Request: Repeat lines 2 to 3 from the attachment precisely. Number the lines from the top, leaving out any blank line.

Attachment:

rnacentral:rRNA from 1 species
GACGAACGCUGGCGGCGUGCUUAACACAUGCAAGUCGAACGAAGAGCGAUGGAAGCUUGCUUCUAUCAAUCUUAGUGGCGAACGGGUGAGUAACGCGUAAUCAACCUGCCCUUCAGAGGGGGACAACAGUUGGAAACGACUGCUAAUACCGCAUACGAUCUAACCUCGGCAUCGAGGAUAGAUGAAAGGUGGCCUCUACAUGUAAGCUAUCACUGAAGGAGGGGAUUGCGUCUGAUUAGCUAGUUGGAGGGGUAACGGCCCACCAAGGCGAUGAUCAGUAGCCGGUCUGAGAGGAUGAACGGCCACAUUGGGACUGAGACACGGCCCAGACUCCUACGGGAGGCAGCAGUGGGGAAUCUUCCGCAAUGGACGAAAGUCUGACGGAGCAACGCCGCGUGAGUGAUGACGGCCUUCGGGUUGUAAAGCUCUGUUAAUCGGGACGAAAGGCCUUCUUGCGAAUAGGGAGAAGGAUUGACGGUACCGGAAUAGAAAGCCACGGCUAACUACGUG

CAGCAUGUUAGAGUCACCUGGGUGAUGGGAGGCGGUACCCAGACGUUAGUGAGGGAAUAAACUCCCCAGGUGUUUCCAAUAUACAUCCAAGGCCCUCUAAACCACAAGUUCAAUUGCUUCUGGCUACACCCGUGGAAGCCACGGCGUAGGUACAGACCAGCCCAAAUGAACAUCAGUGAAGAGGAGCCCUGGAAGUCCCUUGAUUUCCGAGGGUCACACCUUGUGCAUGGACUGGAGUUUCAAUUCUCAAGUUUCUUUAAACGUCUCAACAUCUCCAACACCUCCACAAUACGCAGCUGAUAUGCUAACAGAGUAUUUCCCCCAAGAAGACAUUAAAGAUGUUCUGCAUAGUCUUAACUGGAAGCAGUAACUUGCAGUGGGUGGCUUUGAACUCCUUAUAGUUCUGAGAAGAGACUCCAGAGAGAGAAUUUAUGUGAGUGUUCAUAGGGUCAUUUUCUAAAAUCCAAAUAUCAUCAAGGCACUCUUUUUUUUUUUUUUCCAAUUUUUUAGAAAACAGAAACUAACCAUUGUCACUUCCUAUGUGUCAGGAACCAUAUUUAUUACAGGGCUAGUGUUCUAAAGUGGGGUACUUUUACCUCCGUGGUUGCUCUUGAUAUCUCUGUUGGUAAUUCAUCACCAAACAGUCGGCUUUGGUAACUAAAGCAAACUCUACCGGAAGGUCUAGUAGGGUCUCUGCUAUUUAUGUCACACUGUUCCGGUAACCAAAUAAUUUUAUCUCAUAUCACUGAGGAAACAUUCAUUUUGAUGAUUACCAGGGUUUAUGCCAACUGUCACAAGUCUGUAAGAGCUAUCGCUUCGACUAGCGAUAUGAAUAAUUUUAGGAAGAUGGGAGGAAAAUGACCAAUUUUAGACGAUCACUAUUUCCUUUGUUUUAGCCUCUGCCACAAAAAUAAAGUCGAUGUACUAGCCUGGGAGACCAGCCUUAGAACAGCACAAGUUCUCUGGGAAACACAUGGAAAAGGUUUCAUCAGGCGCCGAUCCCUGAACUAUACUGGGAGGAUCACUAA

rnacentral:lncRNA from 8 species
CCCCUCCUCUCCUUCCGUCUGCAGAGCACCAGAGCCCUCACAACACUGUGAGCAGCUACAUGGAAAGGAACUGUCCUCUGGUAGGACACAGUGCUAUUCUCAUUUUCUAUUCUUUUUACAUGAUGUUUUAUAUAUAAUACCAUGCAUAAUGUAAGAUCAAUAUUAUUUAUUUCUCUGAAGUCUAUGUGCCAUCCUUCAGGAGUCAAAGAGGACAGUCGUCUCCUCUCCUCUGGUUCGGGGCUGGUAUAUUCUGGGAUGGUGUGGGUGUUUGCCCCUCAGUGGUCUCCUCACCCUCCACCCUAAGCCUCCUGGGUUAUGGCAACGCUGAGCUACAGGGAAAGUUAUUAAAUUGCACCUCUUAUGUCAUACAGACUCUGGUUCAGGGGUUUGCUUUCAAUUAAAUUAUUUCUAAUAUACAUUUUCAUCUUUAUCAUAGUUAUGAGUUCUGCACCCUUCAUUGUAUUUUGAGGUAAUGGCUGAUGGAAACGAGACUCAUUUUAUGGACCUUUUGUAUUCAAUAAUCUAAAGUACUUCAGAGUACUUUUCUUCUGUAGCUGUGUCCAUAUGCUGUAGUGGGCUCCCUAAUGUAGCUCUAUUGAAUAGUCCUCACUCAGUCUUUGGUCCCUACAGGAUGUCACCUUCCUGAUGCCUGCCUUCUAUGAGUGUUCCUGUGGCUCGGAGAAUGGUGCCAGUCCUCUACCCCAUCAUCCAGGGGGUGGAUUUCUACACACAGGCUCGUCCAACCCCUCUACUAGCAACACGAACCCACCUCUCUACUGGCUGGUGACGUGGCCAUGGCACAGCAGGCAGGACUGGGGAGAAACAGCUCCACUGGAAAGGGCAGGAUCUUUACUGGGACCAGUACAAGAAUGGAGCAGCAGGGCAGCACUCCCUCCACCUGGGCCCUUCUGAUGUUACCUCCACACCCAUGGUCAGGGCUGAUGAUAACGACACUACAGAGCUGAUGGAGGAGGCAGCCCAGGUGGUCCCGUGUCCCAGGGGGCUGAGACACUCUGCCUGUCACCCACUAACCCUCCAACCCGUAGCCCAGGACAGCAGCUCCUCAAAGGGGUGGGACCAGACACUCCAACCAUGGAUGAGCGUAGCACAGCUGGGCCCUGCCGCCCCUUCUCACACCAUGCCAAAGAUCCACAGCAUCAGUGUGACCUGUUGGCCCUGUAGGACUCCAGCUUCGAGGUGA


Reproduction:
GACGAACGCUGGCGGCGUGCUUAACACAUGCAAGUCGAACGAAGAGCGAUGGAAGCUUGCUUCUAUCAAUCUUAGUGGCGAACGGGUGAGUAACGCGUAAUCAACCUGCCCUUCAGAGGGGGACAACAGUUGGAAACGACUGCUAAUACCGCAUACGAUCUAACCUCGGCAUCGAGGAUAGAUGAAAGGUGGCCUCUACAUGUAAGCUAUCACUGAAGGAGGGGAUUGCGUCUGAUUAGCUAGUUGGAGGGGUAACGGCCCACCAAGGCGAUGAUCAGUAGCCGGUCUGAGAGGAUGAACGGCCACAUUGGGACUGAGACACGGCCCAGACUCCUACGGGAGGCAGCAGUGGGGAAUCUUCCGCAAUGGACGAAAGUCUGACGGAGCAACGCCGCGUGAGUGAUGACGGCCUUCGGGUUGUAAAGCUCUGUUAAUCGGGACGAAAGGCCUUCUUGCGAAUAGGGAGAAGGAUUGACGGUACCGGAAUAGAAAGCCACGGCUAACUACGUG

CAGCAUGUUAGAGUCACCUGGGUGAUGGGAGGCGGUACCCAGACGUUAGUGAGGGAAUAAACUCCCCAGGUGUUUCCAAUAUACAUCCAAGGCCCUCUAAACCACAAGUUCAAUUGCUUCUGGCUACACCCGUGGAAGCCACGGCGUAGGUACAGACCAGCCCAAAUGAACAUCAGUGAAGAGGAGCCCUGGAAGUCCCUUGAUUUCCGAGGGUCACACCUUGUGCAUGGACUGGAGUUUCAAUUCUCAAGUUUCUUUAAACGUCUCAACAUCUCCAACACCUCCACAAUACGCAGCUGAUAUGCUAACAGAGUAUUUCCCCCAAGAAGACAUUAAAGAUGUUCUGCAUAGUCUUAACUGGAAGCAGUAACUUGCAGUGGGUGGCUUUGAACUCCUUAUAGUUCUGAGAAGAGACUCCAGAGAGAGAAUUUAUGUGAGUGUUCAUAGGGUCAUUUUCUAAAAUCCAAAUAUCAUCAAGGCACUCUUUUUUUUUUUUUUCCAAUUUUUUAGAAAACAGAAACUAACCAUUGUCACUUCCUAUGUGUCAGGAACCAUAUUUAUUACAGGGCUAGUGUUCUAAAGUGGGGUACUUUUACCUCCGUGGUUGCUCUUGAUAUCUCUGUUGGUAAUUCAUCACCAAACAGUCGGCUUUGGUAACUAAAGCAAACUCUACCGGAAGGUCUAGUAGGGUCUCUGCUAUUUAUGUCACACUGUUCCGGUAACCAAAUAAUUUUAUCUCAUAUCACUGAGGAAACAUUCAUUUUGAUGAUUACCAGGGUUUAUGCCAACUGUCACAAGUCUGUAAGAGCUAUCGCUUCGACUAGCGAUAUGAAUAAUUUUAGGAAGAUGGGAGGAAAAUGACCAAUUUUAGACGAUCACUAUUUCCUUUGUUUUAGCCUCUGCCACAAAAAUAAAGUCGAUGUACUAGCCUGGGAGACCAGCCUUAGAACAGCACAAGUUCUCUGGGAAACACAUGGAAAAGGUUUCAUCAGGCGCCGAUCCCUGAACUAUACUGGGAGGAUCACUAA